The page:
Kotter’s Eight-Stage Process

  1. Establishing a sense of urgency
  2. Creating the guiding coalition
  3. Developing a vision and strategy
  4. Communicating the change vision
  5. Empowering employees for broad-based action
  6. Generating short-term wins
  7. Consolidating gains in producing more change
  8. Anchoring new approaches in the culture

The central challenge in every one of Kotter’s eight steps is in changing people’s behavior: what people do and the need for significant shift in what people do. Changing this behavior is not a matter of more analysis to influence their thoughts as it is helping them see a truth to influence their feelings.

“People change what they do less because they are given analysis that shifts their thinking than because they are shown a truth that influences their feelings,” says Kotter.

President Obama is often perceived as overly cerebral and perhaps that explains why he primarily focuses on analysis in order to shift thinking. Unlike his predecessors Bill Clinton and especially Ronald Reagan, I believe Obama has been less successful in presenting truths to influence the kind of feelings necessary to accelerate change.

In spite of the deep domestic recession and two unpopular wars he inherited, Obama has made significant changes in financial regulation, health care and troop removal from Iraq. Republican resistance to these changes has focused on their belief that the first two of these changes are too far reaching and expensive.

The rising popularity of talk radio and sensational television news programs rely heavily on emotion with little hard facts or balanced analysis to support what may or may not be a truth. Regardless, the feelings provoked are what motivate change and that change may now mean a dramatic shift in congress with the upcoming mid-term elections.

In Kotter’s eight stages, it seems there are steps Obama may have skipped. What Obama did so well during his campaign was in developing a vision, but the strategy is where he may have fallen short once elected. Communicating a vision for hope and change—which he also did well during the campaign—seems to have little resonance after nearly two years in office.

One could certainly make an argument that Obama should also have established some shorter term wins than financial regulation and health care reform but, of course, he needed to play the hand he was dealt and that included some unpopular decisions during a crisis and in a very divisive environment.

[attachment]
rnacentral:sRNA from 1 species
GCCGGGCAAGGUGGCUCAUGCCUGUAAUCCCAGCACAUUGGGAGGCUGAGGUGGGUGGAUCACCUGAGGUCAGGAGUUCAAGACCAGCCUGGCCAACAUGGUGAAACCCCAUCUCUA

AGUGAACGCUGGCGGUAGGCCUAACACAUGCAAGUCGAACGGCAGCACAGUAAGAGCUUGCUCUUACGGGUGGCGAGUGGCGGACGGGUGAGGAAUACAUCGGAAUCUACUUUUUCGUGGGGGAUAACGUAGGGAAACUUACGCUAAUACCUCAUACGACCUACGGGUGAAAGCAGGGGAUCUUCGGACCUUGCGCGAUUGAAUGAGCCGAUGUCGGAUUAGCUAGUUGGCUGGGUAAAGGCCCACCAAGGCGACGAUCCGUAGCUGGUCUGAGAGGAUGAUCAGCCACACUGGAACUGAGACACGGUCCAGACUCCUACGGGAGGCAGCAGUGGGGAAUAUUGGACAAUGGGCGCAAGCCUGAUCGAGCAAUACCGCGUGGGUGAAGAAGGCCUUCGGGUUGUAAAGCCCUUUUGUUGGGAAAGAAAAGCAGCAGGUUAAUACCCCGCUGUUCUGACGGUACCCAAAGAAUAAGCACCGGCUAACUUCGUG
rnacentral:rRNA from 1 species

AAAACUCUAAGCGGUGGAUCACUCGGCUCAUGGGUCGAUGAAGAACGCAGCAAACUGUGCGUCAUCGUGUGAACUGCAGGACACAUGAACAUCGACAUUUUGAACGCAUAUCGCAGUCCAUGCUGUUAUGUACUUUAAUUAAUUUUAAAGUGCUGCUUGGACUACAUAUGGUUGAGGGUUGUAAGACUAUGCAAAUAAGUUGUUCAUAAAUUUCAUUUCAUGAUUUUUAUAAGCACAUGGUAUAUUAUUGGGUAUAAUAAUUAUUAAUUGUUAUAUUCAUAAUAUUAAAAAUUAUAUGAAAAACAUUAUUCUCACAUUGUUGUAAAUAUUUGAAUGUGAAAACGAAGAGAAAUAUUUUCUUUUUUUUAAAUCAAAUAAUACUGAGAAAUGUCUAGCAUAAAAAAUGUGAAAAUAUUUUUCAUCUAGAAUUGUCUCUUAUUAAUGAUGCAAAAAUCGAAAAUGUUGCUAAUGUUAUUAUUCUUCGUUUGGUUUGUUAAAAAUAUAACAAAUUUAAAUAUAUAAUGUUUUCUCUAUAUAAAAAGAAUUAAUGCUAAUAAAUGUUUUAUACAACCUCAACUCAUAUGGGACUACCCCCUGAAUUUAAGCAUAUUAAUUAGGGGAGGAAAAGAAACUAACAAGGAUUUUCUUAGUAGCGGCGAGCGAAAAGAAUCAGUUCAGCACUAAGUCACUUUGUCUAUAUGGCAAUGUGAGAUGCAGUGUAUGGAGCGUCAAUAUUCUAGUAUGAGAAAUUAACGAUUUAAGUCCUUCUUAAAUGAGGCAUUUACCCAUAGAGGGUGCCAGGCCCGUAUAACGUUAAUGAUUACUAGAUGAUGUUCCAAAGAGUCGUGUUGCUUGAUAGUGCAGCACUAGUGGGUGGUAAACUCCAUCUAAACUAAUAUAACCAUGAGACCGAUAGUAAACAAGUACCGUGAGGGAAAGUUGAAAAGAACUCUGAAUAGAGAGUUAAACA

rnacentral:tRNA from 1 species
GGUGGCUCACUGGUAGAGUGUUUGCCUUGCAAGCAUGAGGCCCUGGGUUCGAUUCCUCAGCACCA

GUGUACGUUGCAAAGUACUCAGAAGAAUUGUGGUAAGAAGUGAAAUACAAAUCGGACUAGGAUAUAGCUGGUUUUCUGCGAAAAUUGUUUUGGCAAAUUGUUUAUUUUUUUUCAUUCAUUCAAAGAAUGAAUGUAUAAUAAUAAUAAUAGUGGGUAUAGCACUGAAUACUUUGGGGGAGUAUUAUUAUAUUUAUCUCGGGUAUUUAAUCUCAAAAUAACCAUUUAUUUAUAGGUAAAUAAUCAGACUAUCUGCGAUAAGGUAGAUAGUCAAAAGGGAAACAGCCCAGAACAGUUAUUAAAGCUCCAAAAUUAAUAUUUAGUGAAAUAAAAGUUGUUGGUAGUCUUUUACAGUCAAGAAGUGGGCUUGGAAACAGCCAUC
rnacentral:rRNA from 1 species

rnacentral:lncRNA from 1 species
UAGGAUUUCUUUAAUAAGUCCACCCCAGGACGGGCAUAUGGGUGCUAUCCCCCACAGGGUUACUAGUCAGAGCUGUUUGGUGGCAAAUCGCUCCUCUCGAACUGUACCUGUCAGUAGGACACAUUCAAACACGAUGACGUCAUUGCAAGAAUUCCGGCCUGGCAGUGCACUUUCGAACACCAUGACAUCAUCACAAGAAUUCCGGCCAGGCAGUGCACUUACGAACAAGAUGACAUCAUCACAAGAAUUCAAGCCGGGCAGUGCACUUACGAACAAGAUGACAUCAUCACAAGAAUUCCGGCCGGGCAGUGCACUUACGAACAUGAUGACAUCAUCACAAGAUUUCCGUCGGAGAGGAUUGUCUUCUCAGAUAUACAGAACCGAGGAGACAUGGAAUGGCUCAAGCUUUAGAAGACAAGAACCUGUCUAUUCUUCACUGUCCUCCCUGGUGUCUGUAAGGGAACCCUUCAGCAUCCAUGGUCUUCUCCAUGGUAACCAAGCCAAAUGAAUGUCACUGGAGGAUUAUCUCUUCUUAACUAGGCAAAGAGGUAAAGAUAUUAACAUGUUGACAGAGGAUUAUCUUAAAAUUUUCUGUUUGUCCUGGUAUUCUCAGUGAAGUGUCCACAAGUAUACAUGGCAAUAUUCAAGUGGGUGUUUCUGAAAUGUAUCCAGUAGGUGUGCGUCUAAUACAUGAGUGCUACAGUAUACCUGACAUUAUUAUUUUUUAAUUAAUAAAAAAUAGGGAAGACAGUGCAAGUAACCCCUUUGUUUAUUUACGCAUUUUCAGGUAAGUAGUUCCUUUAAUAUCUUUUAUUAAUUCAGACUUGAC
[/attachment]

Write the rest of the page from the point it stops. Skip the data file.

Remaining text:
In Kotter’s later book “The Heart of Change: Real-Life Stories of How People Change Their Organizations,” he states that successful change leaders need to employ the see-feel-change method.

See – Identify the problem or solution to a problem and enable others to visualize this in a way that creates a change in behavior.

Feel – Dramatize and make a compelling image that catches people’s attention, and ensure that this results in feelings that include passion, faith, trust, pride, hope, excitement, enthusiasm, urgency and/or fear to necessitate needed change. Emotions that can undermine change include anger, false pride, pessimism, arrogance, cynicism, panic, exhaustion, insecurity and anxiety.

Change – Different feelings—a change of heart—are what transform behavior. “The feelings change behavior,” says Kotter. “And with this change people are able to move through the eight necessary stages of large-scale change despite often huge difficulties.”

Obama was so effective at the see and feel parts during his presidential campaign, but navigating the challenges of governing with a fiercely divided congress during a time of war and recession has proved especially difficult. Perhaps revisiting Kotter’s eight stage process as a guide, Obama can then reclaim his leadership skills to affect the kind of change this country so desperately needs.

Leadership & Effective Change Initiatives

April 29, 2010

Change management initiatives are necessary for organizations to remain competitive in our rapidly evolving economic climate. These initiatives are extremely important, yet the majority of them are considered failures.